How to get to and from: Khao Yai National Park

How to get to Khao Yai National Park

On this page: How to get to and from Khao Yai National Park
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Pak Chong is a main stop on the Northeastern line, making train the most convenient mode of transport for many travellers. The historic train station is located in the centre of town, a five-minute walk north of the giraffe statue up Thesaban 19 (look for signs for the Phubade Hotel).

Trains depart for Bangkok’s Hualamphong Station at 10:10, 11:25, 14:00, 16:35, 19:10, 19:45, 00:05, 00:40, 01:25 and 02:25. A range of fares is available and not all trains are the same; you may want to inquire in advance to see which train and class will best suit you. All Bangkok-bound trains stop at Saraburi, Ayutthaya and Don Muang Airport, among others. From Bangkok, trains depart for Pak Chong at least once every three hours from 05:45 to 22:25.

Heading northeast, trains depart for Ubon Ratchathani at 08:50, 10:55, 19:50, 22:50, 00:15 and 02:25. All Ubon-bound trains stop at Buriram, Surin and Sisaket. Trains depart for Khon Kaen at 06:15 and 21:50, with the night train continuing up to Udon Thani and Nong Khai. All northeast-bound trains also stop at Khorat.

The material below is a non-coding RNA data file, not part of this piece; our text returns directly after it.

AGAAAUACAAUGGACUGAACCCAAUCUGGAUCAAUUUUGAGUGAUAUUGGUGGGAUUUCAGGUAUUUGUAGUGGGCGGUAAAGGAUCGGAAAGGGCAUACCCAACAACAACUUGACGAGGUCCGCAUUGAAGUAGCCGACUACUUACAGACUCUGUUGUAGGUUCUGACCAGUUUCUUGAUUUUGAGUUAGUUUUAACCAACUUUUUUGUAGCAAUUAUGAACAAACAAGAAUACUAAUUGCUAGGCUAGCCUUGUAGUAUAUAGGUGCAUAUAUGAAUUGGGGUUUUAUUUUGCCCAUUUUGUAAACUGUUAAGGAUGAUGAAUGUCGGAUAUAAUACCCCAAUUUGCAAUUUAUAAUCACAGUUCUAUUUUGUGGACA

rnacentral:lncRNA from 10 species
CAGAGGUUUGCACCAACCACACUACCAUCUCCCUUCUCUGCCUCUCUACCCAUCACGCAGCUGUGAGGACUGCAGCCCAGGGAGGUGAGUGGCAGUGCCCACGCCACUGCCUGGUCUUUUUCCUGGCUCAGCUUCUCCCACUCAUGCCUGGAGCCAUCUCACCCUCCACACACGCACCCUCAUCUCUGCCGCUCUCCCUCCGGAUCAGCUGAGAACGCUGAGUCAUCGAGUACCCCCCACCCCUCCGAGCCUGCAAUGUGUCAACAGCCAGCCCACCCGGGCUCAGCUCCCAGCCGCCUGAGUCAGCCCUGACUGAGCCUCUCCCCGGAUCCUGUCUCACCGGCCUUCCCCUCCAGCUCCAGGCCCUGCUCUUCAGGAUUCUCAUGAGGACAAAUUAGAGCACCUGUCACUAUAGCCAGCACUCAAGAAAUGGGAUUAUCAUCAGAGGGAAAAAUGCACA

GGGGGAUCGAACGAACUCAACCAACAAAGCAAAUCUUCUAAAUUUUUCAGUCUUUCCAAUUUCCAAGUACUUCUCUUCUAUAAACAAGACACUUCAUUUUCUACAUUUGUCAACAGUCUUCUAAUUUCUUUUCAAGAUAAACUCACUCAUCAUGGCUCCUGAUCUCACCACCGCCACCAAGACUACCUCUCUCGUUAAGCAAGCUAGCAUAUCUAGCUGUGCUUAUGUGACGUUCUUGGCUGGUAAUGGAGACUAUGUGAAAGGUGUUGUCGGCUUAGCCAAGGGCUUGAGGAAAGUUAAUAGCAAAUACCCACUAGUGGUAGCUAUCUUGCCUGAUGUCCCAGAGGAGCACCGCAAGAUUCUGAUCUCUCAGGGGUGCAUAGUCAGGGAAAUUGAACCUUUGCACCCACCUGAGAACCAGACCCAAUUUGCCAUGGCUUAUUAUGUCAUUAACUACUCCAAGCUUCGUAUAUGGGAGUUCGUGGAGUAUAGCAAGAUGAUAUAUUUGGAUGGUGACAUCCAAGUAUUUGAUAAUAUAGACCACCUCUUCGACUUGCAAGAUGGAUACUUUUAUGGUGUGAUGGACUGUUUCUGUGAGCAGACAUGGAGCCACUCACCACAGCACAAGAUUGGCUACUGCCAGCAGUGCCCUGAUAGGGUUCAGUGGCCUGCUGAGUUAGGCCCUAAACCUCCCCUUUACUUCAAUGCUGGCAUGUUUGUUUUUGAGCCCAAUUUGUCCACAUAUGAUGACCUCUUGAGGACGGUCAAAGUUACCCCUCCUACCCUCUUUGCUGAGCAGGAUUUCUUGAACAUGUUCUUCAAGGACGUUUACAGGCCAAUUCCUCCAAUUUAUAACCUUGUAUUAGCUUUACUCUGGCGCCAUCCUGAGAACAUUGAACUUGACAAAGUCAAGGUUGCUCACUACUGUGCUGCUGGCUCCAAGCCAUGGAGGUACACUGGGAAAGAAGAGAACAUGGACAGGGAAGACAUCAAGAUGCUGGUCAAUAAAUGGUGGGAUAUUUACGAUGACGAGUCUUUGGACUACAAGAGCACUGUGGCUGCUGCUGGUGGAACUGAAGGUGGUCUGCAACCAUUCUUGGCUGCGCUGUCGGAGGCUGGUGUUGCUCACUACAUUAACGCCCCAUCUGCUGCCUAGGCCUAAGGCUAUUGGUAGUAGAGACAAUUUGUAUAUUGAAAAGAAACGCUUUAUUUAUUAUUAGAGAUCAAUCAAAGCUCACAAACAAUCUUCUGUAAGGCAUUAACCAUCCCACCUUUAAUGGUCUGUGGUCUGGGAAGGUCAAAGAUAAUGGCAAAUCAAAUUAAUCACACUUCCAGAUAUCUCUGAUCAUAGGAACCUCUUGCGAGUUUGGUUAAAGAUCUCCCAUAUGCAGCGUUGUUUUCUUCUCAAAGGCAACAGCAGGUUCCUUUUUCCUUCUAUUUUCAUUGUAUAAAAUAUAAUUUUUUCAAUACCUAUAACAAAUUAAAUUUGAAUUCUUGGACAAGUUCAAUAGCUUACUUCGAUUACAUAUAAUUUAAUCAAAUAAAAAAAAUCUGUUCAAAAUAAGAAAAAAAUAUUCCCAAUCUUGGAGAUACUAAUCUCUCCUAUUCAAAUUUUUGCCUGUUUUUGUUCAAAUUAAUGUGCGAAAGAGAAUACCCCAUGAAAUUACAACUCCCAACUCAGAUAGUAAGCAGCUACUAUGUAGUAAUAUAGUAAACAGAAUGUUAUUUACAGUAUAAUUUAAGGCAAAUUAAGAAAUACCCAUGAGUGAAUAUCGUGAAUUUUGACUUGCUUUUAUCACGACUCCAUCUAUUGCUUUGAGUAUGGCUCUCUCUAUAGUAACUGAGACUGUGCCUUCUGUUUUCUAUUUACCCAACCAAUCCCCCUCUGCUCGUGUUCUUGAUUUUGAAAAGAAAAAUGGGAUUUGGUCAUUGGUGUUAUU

Frequent Khorat-bound regular buses and minibuses from Bangkok’s Morchit (Northern) terminal make a stop in Pak Chong, which does not have a single bus terminal.

First-class buses to Morchit terminal pick up around once an hour from early morning to 20:00 at an office on the south side of Mittraphap Road, slap bang in the centre of Pak Chong and across the road from the giraffe statue. They cost 130 baht and take around three hours.

Minibuses to Morchit pick up at a few different places from around 04:00 to 19:30 for 150 baht in the centre of Pak Chong. Two are located across the road from the giraffe statue and night market, near the first-class Bangkok bus stop on the south side of Mittraphap, while another is found on the north side of Mittraphap just east of the giraffe statue.

If looking to head elsewhere by bus or minibus, walk a little less than a kilometre east from the giraffe statue to a small bus station painted orange on the north side of Mittraphap, just west of Tesaban 23. In front of the station, minibuses and second-class buses depart several times per hour to Khorat’s Bus Terminal 1 for 60 baht, with the last departure at 20:00. Hourly minibuses coming from Ayutthaya stop here briefly and run to Khorat’s Bus Terminal 2. Buses to Khon Kaen also pick up here at 08:30, 09:30 and 10:30 for 180 baht. If heading elsewhere and you’re not sure what to do, make your way to Khorat’s Bus Terminal 2 for a huge range of transfers.